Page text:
For most of my life, I lived very reactively. But it didn’t seem like I had a choice. It just seemed that events happened and I would feel the effect of them. I thought that’s just how life is.
I believed either that certain events make us feel in a certain way or that our personal psychology had something to do with it and some people simply react differently to different events. But still, it didn’t seem like that I had a choice either way.
Then, 2012 came along and I got introduced to something called The 3 Principles, which helped me get a deeper understanding of what my reactions were all about. I began to get aware that all my feelings are actually a reflection of my thinking occurring at the very moment I am having a reaction.
Now, some Three Principles coaches and teachers will tell you that as you understand the Principles and how the mind works, you will be less reactive. That is true, to an extent.
However, just because you understand the Three Principles, it doesn’t mean you’re never going to react or you’re never going to lose sight of how the mind works. I still do. There are times when someone says something or do something and I react, I’d get upset and have an unconscious reaction to my thoughts.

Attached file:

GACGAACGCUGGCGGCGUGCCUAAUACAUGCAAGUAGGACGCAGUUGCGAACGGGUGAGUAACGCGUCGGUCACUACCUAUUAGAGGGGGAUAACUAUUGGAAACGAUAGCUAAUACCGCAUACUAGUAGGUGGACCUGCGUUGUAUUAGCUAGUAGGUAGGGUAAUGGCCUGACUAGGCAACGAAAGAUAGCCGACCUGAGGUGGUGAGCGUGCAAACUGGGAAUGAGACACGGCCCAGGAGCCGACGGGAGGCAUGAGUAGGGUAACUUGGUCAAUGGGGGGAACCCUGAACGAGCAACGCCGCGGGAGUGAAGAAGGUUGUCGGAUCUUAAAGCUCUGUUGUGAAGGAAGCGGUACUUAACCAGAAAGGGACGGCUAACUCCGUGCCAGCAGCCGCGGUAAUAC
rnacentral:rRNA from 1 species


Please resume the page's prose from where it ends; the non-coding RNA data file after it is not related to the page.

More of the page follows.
But that doesn’t mean the Principles aren’t helpful. They are still helpful because after I’ve reacted, understanding how the Principles are at play guides me back to common sense and to a better place – that is incredibly useful.
Also, there are times now when I’m just less reactive. As I’ve seen through some misunderstandings I had, I’ve just naturally dropped them.
And in the moments of my life where I do react, I don’t hold on to a reaction for as long as I used to. I used to overthink things for days and days about something that someone had said to me or something that someone had done. I’d fantasize about a clever thing to respond to them next time or how to get back at them. Now these things no longer make any sense, but this doesn’t mean I’m not reactive, ever.
There’s an interview I did a couple of years ago with Yayati Desai where we covered a lot of ground around this topic, his questions made the conversation really rich and I believe you’ll find it useful:
- The implications of understanding how our mind works
- Our true source of happiness and fulfilment
- How to remember who we truly are
- What stops most people from excellence in their lives
- Ankush’s process of dealing with “not being good enough”
- The way to have a quiet mind
- The power in realising we are fully equipped to deal with life
- What helps Ankush the most in decision making
- Book recommendations
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